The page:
Iran invites IAEA inspectors to extend visit
Iranian foreign minister, Ali Akbar Salehi told journalists that the three day inspection by the International Atomic Energy Agency can be extended “if they desire”. Iranian officials have insisted that Iran’s quest for nuclear energy is for peaceful purposes and “the remarks appear to be part of a show of flexibility and transparency by Tehran”. (Time 01/30)
Panetta: It would take Iran 2-3 years to have deliverable nuke
Defense Secretary Leon Panetta appeared on 60 minutes this past weekend and said, “the consensus is that, if they decided to do it, it would probably take them about a year to be able to produce a bomb and then possibly another one to two years in order to put it on a deliverable vehicle of some sort in order to deliver that weapon.”  Panetta has previously made it clear that Iran has not decided to go forward with building a nuclear weapon and that this is the U.S. redline. (The Hill 01/30)
Vote to cutoff oil exports to EU delayed
Iranian lawmakers on Sunday delayed a vote on a bill to immediately halt oil exports to the European Union. The bill would have pre-empted an oil embargo approved by the EU last week. (WJP 01/30)
A decision by Iran to cut oil exports to the European Union will affect the price of oil and hurt the region’s economy, OPEC Secretary General Abdalla Salem El-Badri told CNBC on Monday. El Bardi said that, “Today…the market is stable, there is no shortage of oil anywhere in the world,” he said. “However, to take out 400-500,000 barrels a day in a matter of days, this will affect the price. Of course the price will go up.” However , he also argued that the demand for oil is also weakening because of the protracted debt crisis in the euro zone, “when I see the EU debt crisis, it’s a problem, if not solved it will affect…almost everybody. The world growth will be less, there is no decoupling at this time,”.(CNBC 01/30)
Meanwhile, India reiterated it won’t cut back on Iran oil imports despite new U.S. and EU sanctions. (Washington Post 01/30)
Series of deaths reported within the Revolutionary Guard
“Over the last few days, four former commanders of the Islamic Revolutionary Guard Corps passed away without the usual condolences to their families from Ayatollah Ali Khamenei.” (Tehran Bureau 01/28)
Pressure on Ahmadinejad
“Alef, the website that is published by Majles deputy Ahmad Tavakoli, a prominent Ahmadinejad critic, demanded that parliament declare the president incompetent under Article 89 of the Constitution, so that he can be impeached. Hossein Shariatmadari, the hardline managing editor of the newspaper Kayhan, accused Ahmadinejad of working with the United States.” (Tehran Bureau 01/28)
Iranian Scientist Arrested in the U.S. 
Seyed Mojtaba Atarodi, an Iranian professor, is being held in a U.S. prison in California, federal prison records show. Associated Press reported yesterday that Atarodi had been arrested and charged with buying scientific instruments from the U.S., citing a Sharif University spokesman who spoke on condition of anonymity. (Bloomberg 01/27)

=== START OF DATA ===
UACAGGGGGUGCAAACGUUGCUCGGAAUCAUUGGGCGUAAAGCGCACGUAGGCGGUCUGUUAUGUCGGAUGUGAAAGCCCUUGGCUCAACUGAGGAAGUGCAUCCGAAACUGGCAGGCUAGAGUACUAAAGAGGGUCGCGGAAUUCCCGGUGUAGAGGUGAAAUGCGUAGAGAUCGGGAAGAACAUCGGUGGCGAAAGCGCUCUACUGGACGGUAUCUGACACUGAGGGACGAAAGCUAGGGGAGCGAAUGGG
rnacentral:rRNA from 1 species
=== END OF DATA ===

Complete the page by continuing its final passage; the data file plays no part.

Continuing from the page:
Notable Opinion: Will Israel Really Attack Iran?
Gary Sick writes takes issue in Tehran Bureau with the New York Times Magazine cover story, “Will Israel Attack Iran?“, in which author Ronen Bergman concludes that Israel is likely strike Iran in 2012:

“Not only is his conclusion at odds with virtually everything he produces as evidence, but there are some omissions in his analysis that regrettably have become predictably routine in talking about the Iranian nuclear program.
He darkly quotes “the latest intelligence” about the number and current activity of Iran’s centrifuges. Where did he get that secret information? Well, just like you or me, he can read the periodic reports of the International Atomic Energy Agency, which are published on the web virtually the same day they are handed to member states. How did the IAEA get that “intelligence”? Not hard: they have inspectors in all the sites where Iran is producing enriched uranium. These inspectors, who make frequent surprise visits, keep cameras in place to watch every move, and they carefully measure Iran’s input of feed stock to the centrifuges and the output of low-enriched uranium, which is then placed under seal. You would think that would be worth mentioning, at least in passing, but it gets overlooked by virtually every journalist writing on this subject.
Like virtually all other commentators on this issue, Bergman slides over the fact that the IAEA consistently reports that Iran has diverted none of its uranium to military purposes. Like others, he focuses on the recent IAEA report, which was the most detailed to date in discussing Iran’s suspected experiments with military implications; but like others, he fails to mention that the suspect activity took place seven or more years ago and there is no reliable evidence that it has resumed. A problem, yes; an imminent threat, no.”

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